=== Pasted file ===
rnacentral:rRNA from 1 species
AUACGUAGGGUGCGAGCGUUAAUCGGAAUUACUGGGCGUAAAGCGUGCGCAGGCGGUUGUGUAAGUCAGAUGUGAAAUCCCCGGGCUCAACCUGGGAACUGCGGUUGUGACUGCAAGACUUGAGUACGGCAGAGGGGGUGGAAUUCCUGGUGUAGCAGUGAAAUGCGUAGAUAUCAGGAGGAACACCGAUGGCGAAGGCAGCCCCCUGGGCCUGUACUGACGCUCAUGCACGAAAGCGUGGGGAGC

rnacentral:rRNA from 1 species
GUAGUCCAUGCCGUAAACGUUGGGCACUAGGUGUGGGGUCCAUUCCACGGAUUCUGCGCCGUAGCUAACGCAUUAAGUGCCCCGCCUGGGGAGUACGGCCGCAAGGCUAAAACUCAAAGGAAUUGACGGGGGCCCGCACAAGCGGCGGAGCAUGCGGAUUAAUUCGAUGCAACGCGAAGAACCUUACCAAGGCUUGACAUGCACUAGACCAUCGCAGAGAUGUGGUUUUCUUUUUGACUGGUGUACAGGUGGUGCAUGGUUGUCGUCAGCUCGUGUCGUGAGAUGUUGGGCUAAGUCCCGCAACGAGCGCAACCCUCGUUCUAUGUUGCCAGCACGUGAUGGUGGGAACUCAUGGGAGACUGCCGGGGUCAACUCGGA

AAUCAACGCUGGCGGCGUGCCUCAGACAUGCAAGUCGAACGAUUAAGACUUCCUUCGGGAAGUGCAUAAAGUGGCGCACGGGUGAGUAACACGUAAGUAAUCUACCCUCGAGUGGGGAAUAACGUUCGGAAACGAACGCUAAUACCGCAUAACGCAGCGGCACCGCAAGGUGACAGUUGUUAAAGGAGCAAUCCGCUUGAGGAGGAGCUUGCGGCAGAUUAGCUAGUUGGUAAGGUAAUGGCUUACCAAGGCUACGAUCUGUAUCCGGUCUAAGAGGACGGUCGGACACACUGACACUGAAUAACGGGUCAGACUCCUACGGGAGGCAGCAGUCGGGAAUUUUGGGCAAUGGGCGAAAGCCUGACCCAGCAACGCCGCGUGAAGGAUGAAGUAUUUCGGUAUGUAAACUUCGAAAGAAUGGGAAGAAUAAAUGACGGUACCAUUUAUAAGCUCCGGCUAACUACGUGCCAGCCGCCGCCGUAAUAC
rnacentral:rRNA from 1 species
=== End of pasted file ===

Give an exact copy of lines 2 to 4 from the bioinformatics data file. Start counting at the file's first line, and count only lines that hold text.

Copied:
AUACGUAGGGUGCGAGCGUUAAUCGGAAUUACUGGGCGUAAAGCGUGCGCAGGCGGUUGUGUAAGUCAGAUGUGAAAUCCCCGGGCUCAACCUGGGAACUGCGGUUGUGACUGCAAGACUUGAGUACGGCAGAGGGGGUGGAAUUCCUGGUGUAGCAGUGAAAUGCGUAGAUAUCAGGAGGAACACCGAUGGCGAAGGCAGCCCCCUGGGCCUGUACUGACGCUCAUGCACGAAAGCGUGGGGAGC

rnacentral:rRNA from 1 species
GUAGUCCAUGCCGUAAACGUUGGGCACUAGGUGUGGGGUCCAUUCCACGGAUUCUGCGCCGUAGCUAACGCAUUAAGUGCCCCGCCUGGGGAGUACGGCCGCAAGGCUAAAACUCAAAGGAAUUGACGGGGGCCCGCACAAGCGGCGGAGCAUGCGGAUUAAUUCGAUGCAACGCGAAGAACCUUACCAAGGCUUGACAUGCACUAGACCAUCGCAGAGAUGUGGUUUUCUUUUUGACUGGUGUACAGGUGGUGCAUGGUUGUCGUCAGCUCGUGUCGUGAGAUGUUGGGCUAAGUCCCGCAACGAGCGCAACCCUCGUUCUAUGUUGCCAGCACGUGAUGGUGGGAACUCAUGGGAGACUGCCGGGGUCAACUCGGA